Objective setting is part of the Performance Management Process, an annual cycle of aligning strategic goals to individual objectives and then managing employee performance to deliver those objectives.
Objective setting involves planning and organising your work to deliver on the strategy and annual business plan. The Process usually kicks off in January. People managers evaluate performance of their individual team members for the previous year and set objectives for the New Year. My Training Video and free Performance Management Guidebook step you through this process. Read on below video.
There are many benefits to having a formal objective setting process.
- Proves clarity at all levels of the organisation the priorities and expected results.
- Allows you maximise the use of your resources.
- Helps you to harness the potential, the skill and the competency of the organisation.
- Empowers employees to take responsibility, enhancing motivation and engagement.
- Sets up your performance management process.
People often get confused between job descriptions and objectives. A job description relates to a role on the organisation chart, this role captures the accountabilities and competencies that are important to delivering the strategy and business plans over the long term. A job description and is not person dependent. Objectives are the annual specific employee deliverables.
Objective Setting Process
Objectives are cascaded from strategy getting more specific as they are cascaded
- The strategy needs to be clear and aligned across the organisation.
- Function heads actively participate in the development of the company strategy to ensure that functional requirements are represented at a strategic level.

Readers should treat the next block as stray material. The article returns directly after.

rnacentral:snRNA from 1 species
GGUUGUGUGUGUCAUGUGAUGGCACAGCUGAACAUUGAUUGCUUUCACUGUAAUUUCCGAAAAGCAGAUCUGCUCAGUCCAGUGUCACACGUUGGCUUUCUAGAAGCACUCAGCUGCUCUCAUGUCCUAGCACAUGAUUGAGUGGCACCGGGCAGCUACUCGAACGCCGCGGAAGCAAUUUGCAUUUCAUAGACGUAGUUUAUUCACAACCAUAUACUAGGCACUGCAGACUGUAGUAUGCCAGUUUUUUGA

Strategy is cascaded to a 3-5 year roadmap, the roadmap is then cascaded to an annual business plan. This plan gives direction to the organisation for annual objective setting.
Function heads align on cross-function objectives (as you can’t assume support or prioritisation).
The function management cascade the function objectives to team objectives then the team leader cascades these to individual objectives.
As objectives are cascaded they get more specific and detailed. This is necessary to make sure that employees know exactly what they are expected to deliver.
Team leaders role
When the objectives have been cascaded, the team leader discusses and aligns on the individual objectives with each employee, this helps to firm up the objectives and to drive ownership and engagement
- At the discussion expected results, priorities, challenges, resources and requirements from others are discussed.
For cross-functional objectives, the function manager or relevant team leader aligns on deliverables, responsibilities, priorities and timelines with those you depend on to deliver the results.
Objectives are captured using a standard performance management template, this ensures consistent objective setting across the organisation.
Additional information to support objectives setting is included in my Performance Management Guidebook
- Performance Management Template
- SMART Criteria
- Example Categories
- Example Action Verbs
- Example Objectives
- Example Personal Development Objectives. These are strongly focused on soft skills and can be difficult to write.
On completion of the objective setting process, communicate a summary of the organisation, function and team objectives across your teams. This will provide employees with sight of how their role and objectives contribute to the company strategy and priorities.
There are always unforeseen objectives, have an objectives process that is flexible and allows re-prioritisation as needed. Communicate to the organisation when direction and priorities have changed
The above Training Video and my free Performance Management Guidebook will provide you with the information you need to write objectives.